An estimated 30,000 Turkish Cypriots have rallied in the northern part of Cyprus calling for the Turkish government in Ankara to re-think an austerity package which many fear will cause mass unemployment.
The mood was buoyant but there was no mistaking the fury felt by thousands of Turkish Cypriots who converged in the center of the divided capital Nicosia for a mass protest against their own leaders and the Turkish government.
Together they waved banners, flags and placards, clapped and blew whistles. Slogans against the Turkish government and Turkish prime minister included “Peace and solution right now”, “Ankara take off your hands”, “We are Turkish Cypriots, who are you mister?”.
Why they're protesting
Opposition parties and trade unions deeply oppose the cuts which include rolling back entry level salaries by 40 percent and raising taxes.
The salary cuts and taxes are aimed at bringing under control an economic policy in north Cyprus which spends over 80 percent of the budget on public workers’ salaries.
Turkey, which props up the north Cyprus economy with huge yearly payments, has demanded the sweeping austerity measures, especially in the bloated public sector. However the Turkish Cypriot demonstrators fear those measures will lead to increased poverty.
Turkish Prime Minister Tayyip Erdogan’s reaction at the first mass rally in January caused outrage amongst Turkish Cypriots, after he appeared to lose his temper and said the protests were damaging the relationship with Ankara and furthering the rival Greek Cypriot cause.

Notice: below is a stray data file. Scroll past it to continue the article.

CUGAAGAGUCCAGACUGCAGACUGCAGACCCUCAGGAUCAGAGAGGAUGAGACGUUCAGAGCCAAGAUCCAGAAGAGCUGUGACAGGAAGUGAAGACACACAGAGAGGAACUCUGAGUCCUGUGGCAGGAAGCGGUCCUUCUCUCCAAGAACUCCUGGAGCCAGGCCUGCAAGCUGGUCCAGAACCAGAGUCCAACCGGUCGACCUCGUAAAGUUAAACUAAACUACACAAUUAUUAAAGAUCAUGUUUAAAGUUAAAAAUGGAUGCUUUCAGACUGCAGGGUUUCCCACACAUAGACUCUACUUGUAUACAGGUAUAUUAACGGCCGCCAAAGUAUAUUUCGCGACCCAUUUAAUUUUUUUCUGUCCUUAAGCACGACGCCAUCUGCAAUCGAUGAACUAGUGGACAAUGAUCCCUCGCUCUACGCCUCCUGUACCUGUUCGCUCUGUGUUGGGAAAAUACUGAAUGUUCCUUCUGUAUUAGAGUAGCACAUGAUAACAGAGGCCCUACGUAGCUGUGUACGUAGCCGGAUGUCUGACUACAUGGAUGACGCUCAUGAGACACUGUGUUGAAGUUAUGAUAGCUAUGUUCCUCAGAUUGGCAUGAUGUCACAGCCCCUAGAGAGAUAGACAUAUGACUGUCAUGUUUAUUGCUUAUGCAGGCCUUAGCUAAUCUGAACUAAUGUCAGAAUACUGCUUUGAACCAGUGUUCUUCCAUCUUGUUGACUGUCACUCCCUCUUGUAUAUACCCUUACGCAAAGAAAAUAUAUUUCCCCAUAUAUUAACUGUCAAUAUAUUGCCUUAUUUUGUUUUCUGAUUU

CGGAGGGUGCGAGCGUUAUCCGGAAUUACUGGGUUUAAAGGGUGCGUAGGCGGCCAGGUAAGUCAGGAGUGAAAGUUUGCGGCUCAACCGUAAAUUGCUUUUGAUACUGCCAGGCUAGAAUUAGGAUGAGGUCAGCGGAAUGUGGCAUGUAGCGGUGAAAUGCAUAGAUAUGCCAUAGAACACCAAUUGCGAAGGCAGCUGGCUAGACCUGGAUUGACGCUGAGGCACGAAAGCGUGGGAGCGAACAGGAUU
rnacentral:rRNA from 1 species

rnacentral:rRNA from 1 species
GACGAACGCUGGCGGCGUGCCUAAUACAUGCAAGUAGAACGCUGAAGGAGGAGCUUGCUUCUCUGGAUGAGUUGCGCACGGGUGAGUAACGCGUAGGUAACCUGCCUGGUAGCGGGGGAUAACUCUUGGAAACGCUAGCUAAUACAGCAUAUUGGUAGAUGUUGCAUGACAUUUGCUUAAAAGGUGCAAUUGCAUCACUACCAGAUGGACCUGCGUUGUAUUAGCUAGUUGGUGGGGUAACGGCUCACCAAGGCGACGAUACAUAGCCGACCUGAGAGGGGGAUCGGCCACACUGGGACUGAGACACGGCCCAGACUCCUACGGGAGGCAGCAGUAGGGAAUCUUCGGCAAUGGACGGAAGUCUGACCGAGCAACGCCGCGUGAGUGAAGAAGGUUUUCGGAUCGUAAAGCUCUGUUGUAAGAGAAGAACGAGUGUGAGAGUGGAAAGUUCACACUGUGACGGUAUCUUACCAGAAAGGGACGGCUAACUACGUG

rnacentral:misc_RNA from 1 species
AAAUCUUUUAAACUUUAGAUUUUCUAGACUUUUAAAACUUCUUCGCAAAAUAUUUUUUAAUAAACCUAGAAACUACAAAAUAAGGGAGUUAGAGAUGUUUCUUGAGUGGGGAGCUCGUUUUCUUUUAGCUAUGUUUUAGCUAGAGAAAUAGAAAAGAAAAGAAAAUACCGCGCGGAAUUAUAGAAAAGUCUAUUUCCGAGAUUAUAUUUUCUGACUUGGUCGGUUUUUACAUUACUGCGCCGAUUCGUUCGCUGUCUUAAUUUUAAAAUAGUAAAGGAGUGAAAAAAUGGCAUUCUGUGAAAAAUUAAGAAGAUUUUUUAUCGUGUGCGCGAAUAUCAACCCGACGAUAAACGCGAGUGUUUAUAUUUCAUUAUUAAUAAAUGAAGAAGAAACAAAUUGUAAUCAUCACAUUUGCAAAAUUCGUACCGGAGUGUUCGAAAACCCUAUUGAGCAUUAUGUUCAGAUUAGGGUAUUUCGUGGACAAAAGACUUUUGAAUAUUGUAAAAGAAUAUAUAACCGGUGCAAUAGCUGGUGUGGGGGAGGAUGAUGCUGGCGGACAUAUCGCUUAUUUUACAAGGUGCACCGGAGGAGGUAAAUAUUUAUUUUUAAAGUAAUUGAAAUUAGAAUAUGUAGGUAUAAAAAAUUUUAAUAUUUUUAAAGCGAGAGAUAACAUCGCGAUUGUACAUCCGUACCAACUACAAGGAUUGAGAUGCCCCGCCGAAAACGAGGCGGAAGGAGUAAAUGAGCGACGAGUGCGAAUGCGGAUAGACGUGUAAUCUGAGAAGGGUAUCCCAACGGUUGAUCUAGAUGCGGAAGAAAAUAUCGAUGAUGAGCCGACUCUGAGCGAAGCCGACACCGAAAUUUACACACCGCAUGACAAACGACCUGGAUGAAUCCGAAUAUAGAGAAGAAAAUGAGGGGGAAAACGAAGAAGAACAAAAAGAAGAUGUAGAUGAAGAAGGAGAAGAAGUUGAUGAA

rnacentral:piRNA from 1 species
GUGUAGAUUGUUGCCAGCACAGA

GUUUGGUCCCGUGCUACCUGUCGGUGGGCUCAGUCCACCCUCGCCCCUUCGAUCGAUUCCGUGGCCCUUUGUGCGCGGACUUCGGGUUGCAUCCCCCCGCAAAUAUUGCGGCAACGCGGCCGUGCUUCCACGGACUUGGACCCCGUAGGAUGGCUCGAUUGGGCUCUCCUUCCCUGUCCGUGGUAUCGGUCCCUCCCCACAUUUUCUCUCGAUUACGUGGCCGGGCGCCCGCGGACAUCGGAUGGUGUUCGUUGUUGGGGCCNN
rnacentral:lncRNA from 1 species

The international community, with the exception of Turkey, does not recognize northern Cyprus as a sovereign state, making trade and industry difficult for the tiny enclave.
The rally was notable for the number of elderly taking part who criticized the public worker salary cuts and also protested at the number of mainland Turks that have recently settled in Cyprus, changing the ethnic makeup of the region.
The once peaceful relationship between Turkish Cypriots and Turkish settlers is fragile.
"I think the EU [European Union] has to get the message; they have to force a solution as soon as possible, otherwise they couldn’t find any original Turkish Cypriots in the north," said one man who attended the rally.
Another man who attended the protest, from Nicosia, spoke about their frustrations with the current situation.
"We want to be our own rulers here in Cyprus, not anybody ruling us and I hope that soon maybe this message can create a positive climate for the negotiations," he said.
Cemil Cicek, Turkish State Minister responsible for Cyprus and Deputy has recently remarked that the north of Cyprus will face bankruptcy by the end of this year if urgent measures are not implemented.
Thursday's massive rally was organized by the platform of Turkish Cypriot Trade Unions comprising approximately 30 trade unions and organizations.
Cyprus has been divided since 1974, when Turkey invaded the northern part of the island in response to a military coup that was backed by the Greek government. South Cyprus joined the European Union in 2004 and the self-proclaimed Turkish Republic of Northern Cyprus is only recognized by Turkey.
The leaders of North and South Cyprus are currently engaged in U.N.-led negotiations with an aim to reunify the island, but talks have stalled over such issues as power-sharing and the thousands of Turkish troops stationed in northern Cyprus.